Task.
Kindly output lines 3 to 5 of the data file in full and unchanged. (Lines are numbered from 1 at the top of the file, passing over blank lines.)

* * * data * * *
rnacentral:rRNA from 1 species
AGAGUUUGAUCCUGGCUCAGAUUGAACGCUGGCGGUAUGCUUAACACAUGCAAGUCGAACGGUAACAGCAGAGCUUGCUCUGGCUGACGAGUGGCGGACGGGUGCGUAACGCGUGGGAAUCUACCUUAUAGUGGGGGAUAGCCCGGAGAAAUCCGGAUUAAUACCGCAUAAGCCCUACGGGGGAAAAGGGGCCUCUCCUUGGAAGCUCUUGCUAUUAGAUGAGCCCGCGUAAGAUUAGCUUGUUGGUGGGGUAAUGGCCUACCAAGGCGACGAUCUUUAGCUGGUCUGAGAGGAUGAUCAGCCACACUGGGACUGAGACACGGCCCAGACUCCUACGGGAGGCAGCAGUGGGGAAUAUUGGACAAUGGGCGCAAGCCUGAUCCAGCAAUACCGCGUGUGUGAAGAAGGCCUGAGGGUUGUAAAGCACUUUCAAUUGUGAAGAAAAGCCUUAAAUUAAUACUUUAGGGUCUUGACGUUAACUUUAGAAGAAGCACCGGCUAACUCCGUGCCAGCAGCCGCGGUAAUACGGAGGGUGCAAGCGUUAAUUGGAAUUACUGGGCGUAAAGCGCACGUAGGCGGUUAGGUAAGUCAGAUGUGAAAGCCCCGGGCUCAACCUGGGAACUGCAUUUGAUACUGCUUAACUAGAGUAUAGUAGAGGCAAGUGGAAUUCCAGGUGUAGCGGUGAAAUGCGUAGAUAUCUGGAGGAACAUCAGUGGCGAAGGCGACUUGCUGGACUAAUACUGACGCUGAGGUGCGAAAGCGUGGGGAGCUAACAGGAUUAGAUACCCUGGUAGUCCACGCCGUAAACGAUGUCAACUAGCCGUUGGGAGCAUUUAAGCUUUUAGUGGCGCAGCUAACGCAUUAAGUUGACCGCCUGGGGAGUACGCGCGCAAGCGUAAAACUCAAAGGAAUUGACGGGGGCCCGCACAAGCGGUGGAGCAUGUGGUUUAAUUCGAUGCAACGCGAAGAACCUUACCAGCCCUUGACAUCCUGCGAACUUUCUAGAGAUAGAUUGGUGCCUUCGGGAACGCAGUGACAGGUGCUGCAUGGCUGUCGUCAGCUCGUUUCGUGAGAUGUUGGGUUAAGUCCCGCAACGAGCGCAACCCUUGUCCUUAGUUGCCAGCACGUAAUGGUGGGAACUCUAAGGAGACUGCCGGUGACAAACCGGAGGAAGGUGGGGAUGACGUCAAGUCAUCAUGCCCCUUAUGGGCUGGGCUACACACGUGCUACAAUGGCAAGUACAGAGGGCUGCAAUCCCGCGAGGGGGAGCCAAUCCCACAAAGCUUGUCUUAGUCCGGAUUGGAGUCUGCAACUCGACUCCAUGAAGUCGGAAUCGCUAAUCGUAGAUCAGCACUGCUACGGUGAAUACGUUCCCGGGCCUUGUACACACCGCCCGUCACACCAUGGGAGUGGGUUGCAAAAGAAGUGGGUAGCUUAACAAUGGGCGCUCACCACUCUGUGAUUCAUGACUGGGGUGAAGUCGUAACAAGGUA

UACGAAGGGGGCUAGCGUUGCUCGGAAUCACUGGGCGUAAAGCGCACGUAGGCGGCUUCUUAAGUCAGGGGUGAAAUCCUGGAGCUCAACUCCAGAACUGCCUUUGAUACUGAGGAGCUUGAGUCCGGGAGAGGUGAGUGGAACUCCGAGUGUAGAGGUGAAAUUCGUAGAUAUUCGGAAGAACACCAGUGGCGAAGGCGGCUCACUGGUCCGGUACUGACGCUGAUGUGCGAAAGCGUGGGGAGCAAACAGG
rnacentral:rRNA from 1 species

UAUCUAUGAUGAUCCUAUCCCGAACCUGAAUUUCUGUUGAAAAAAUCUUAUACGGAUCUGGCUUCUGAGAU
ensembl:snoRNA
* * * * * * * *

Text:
UACGAAGGGGGCUAGCGUUGCUCGGAAUCACUGGGCGUAAAGCGCACGUAGGCGGCUUCUUAAGUCAGGGGUGAAAUCCUGGAGCUCAACUCCAGAACUGCCUUUGAUACUGAGGAGCUUGAGUCCGGGAGAGGUGAGUGGAACUCCGAGUGUAGAGGUGAAAUUCGUAGAUAUUCGGAAGAACACCAGUGGCGAAGGCGGCUCACUGGUCCGGUACUGACGCUGAUGUGCGAAAGCGUGGGGAGCAAACAGG
rnacentral:rRNA from 1 species

UAUCUAUGAUGAUCCUAUCCCGAACCUGAAUUUCUGUUGAAAAAAUCUUAUACGGAUCUGGCUUCUGAGAU